Fairway is an evaluation of the difficulty of keeping the ball in play from tee to green. Fairway ratings are based on fairw ay width in a ll landing zones, hole length, and nearby tre e s , hazards and punitive rough.
Green Target is an evaluation of the difficulty of hitting the green with the approach shot. Primary considerations are target size, length of shot, how well the green holds and the difficulty of normal hole locations.
Recoverability and Rough is the evaluation of the probability of missing the tee shot landing zone and the green, and the difficulty of recovering if either, or both, is missed.
The Green Target rating drives the Recoverability and Rough (see below) rating value.
Bunkers is the evaluation of their proximity to target areas and the difficulty of re c overy from them. The Green Target (see above) rating also drives the Bunkers rating value.
Out of Bounds/Extreme Rough is the ev a luation of the distance from the center of the landing zone to the OB/Extreme Rough. High grass, heavy underbrush in tre e s , and other extreme con ditions are rated in this category because a ball in such “extreme ro u g h” is likely to be lost or virtually unplayable. Such areas may also be rated under Recoverability and Rough (see above).
Water Hazards is the evaluation of a water hazard and its distance from the landing zone or green and, in the case of a hazard crossing a h o l e, the problem involved in playing over the hazard. The Water Hazards rating is applied on any hole where there is a water hazard or lateral water hazard.
Trees is the evaluation of the size and density of the trees, their distance from the center of the landing zone or green, the length of the shot to that target, and the difficulty of recovery.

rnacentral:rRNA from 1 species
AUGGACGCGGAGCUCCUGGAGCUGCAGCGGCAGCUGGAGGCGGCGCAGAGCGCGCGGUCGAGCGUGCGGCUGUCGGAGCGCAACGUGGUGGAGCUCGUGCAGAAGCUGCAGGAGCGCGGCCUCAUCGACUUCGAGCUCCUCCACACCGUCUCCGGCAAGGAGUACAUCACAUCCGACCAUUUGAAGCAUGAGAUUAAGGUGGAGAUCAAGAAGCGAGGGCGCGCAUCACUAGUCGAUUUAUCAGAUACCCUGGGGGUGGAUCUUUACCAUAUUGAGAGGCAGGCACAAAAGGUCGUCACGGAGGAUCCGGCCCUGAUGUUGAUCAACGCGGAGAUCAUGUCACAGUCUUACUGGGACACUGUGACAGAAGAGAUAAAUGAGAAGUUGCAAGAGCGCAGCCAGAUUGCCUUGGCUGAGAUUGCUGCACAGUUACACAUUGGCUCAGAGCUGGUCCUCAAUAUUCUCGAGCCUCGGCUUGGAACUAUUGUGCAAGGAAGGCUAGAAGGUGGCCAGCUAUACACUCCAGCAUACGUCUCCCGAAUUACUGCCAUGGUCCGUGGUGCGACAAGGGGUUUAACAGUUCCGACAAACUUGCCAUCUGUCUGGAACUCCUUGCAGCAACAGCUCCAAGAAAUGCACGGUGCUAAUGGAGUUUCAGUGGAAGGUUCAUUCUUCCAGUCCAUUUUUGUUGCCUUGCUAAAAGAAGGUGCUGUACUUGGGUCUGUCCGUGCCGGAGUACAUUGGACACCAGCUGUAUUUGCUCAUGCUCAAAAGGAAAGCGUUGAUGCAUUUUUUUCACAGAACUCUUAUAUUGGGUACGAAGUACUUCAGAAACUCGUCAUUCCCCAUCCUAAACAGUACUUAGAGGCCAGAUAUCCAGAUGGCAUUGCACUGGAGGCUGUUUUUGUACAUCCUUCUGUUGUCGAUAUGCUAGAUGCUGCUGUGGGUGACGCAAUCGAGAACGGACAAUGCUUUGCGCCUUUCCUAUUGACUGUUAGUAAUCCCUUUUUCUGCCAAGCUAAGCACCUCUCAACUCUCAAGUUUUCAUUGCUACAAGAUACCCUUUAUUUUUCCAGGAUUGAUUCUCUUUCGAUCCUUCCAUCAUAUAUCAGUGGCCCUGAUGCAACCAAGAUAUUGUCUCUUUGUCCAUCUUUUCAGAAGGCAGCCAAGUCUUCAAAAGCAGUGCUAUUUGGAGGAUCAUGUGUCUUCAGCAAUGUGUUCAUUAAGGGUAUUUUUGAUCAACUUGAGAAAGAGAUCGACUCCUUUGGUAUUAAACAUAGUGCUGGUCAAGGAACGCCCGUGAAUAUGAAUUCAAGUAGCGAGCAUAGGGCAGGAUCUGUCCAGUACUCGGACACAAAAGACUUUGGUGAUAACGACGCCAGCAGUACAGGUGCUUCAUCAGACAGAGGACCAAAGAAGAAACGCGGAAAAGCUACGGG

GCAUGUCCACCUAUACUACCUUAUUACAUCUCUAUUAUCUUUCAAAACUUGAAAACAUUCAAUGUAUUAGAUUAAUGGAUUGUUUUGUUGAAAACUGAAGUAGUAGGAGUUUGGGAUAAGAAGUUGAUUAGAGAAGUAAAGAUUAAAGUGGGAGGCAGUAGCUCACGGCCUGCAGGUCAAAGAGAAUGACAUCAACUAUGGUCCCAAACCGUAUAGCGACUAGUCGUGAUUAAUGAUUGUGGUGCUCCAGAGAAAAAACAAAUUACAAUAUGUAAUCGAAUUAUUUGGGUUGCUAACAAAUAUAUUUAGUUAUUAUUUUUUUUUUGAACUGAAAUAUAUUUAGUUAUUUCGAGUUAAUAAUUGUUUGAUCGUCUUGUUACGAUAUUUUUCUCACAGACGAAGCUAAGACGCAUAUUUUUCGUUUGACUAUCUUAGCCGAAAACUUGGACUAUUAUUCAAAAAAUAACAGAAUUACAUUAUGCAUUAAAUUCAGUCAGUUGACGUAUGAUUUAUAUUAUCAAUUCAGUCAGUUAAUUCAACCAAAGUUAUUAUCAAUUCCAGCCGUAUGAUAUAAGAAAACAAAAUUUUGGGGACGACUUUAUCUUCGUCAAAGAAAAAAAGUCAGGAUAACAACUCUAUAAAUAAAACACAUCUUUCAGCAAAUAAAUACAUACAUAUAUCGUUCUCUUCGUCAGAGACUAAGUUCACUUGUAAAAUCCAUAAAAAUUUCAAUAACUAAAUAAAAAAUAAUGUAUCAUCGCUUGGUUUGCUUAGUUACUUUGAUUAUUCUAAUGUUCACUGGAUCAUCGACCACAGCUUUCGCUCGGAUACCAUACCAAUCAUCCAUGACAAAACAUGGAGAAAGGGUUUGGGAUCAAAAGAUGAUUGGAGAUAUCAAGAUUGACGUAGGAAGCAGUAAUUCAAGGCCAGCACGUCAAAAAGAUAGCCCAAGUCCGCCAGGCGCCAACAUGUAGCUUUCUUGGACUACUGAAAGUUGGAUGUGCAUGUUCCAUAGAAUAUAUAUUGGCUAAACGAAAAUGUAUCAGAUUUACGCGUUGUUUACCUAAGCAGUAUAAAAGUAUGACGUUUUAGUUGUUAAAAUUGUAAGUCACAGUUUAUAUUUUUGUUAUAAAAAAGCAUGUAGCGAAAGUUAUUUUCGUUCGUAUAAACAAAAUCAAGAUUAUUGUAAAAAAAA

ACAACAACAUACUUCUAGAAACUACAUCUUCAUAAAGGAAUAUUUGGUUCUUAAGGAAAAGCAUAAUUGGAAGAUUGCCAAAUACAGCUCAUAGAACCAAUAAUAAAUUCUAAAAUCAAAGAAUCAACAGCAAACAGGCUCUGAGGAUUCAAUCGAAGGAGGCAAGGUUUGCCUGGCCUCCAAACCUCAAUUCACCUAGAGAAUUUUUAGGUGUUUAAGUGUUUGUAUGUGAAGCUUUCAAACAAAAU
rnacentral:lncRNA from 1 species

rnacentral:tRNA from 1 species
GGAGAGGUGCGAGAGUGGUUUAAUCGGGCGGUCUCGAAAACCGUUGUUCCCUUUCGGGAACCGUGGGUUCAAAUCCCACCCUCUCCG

Green Surface is the evaluation of a green’s difficulty from a putting standpoint. Green speed and surface contouring are the main factors. The size of the green is considered irrelevant in evaluating putting difficulty. A Stimpmeter is utilized to measure the speed of the greens based on mid-season conditions.
Psychological is the evaluation of the cumulative effect of the other obstacles. The location of many punitive obstacles close to a target area creates uneasiness in the mind of the player and thus affects his or her score. This value is purely mathematical and is added after the on-course rating is complete.
When the evaluation is complete, the numbers for each factor are totaled and multiplied by a relative weight factor. The weighted obstacle values are applied to scratch and bogey formulas, then converted to strokes. Those strokes are added or subtracted from the yardage rating to produce Course Ratings and Bogey Ratings.
Course raters deliver their results to the MGA which, after an internal review, issues certified Course Ratings and — even more importantly — certified Slope Ratings.
When the USGA Course Rating System was improved in 1987, Slope Ratings became a second dimension to the existing Course Ratings. In practical terms, Slope Ratings enable players to receive more strokes on a difficult course and fewer strokes on an easier course. Thus, the quantitative search for golf competition on “an equitable basis” was realized... if, of course, players take advantage of the benefits of Slope.
Prior to 1987, golf courses were rated only for the scratch golfer, with no consideration given to the average or higher handicap players (the USGA reports that the average Handicap Index for men is 16.1 while for women it is 28.9). Most players have a handicap that is based on the scores at their home course. When players went to another course in the past, they would receive strokes as per their handicap. However, a player with a handicap of 16 at his home course would many times play quite a bit above or below his or her handicap at the other course. This generally was caused by the other course being harder or easier, as well as by the player’s own variations in scoring ability.
After much study, the USGA determined their handicap method needed to be revised to include not only consideration of the difficulty of the course for the scratch golfer, but for the bogey golfer as well.
Why Slope Is Different